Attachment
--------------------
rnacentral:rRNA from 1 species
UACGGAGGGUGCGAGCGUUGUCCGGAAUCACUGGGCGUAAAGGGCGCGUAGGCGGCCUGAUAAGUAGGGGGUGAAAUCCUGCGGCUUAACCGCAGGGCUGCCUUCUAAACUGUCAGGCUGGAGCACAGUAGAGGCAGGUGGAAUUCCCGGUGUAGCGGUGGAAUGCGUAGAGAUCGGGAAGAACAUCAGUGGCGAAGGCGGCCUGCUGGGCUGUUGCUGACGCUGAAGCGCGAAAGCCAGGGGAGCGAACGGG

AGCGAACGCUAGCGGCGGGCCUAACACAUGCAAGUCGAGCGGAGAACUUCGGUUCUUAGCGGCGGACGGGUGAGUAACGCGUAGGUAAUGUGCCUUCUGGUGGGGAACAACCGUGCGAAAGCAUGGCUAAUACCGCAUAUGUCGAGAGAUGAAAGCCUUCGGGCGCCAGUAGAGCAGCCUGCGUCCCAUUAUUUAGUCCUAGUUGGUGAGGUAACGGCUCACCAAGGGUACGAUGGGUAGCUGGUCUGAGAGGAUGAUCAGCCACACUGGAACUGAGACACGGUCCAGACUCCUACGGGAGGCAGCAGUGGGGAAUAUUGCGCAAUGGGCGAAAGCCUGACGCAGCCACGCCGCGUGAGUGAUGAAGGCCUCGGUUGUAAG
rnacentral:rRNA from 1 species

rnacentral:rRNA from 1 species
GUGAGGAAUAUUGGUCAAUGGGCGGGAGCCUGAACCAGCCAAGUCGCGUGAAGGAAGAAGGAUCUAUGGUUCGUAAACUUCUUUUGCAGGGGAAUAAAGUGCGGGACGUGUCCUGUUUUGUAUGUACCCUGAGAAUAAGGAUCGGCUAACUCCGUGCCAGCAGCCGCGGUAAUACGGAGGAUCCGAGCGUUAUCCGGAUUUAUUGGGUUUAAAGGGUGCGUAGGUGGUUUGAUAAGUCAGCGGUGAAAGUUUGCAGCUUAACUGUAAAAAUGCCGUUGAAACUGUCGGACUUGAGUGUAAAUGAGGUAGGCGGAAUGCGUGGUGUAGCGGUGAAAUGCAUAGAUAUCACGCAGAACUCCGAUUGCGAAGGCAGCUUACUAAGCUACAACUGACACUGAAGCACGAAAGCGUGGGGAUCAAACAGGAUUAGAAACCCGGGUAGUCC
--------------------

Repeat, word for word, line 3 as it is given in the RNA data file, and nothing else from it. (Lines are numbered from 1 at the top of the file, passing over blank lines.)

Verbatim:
AGCGAACGCUAGCGGCGGGCCUAACACAUGCAAGUCGAGCGGAGAACUUCGGUUCUUAGCGGCGGACGGGUGAGUAACGCGUAGGUAAUGUGCCUUCUGGUGGGGAACAACCGUGCGAAAGCAUGGCUAAUACCGCAUAUGUCGAGAGAUGAAAGCCUUCGGGCGCCAGUAGAGCAGCCUGCGUCCCAUUAUUUAGUCCUAGUUGGUGAGGUAACGGCUCACCAAGGGUACGAUGGGUAGCUGGUCUGAGAGGAUGAUCAGCCACACUGGAACUGAGACACGGUCCAGACUCCUACGGGAGGCAGCAGUGGGGAAUAUUGCGCAAUGGGCGAAAGCCUGACGCAGCCACGCCGCGUGAGUGAUGAAGGCCUCGGUUGUAAG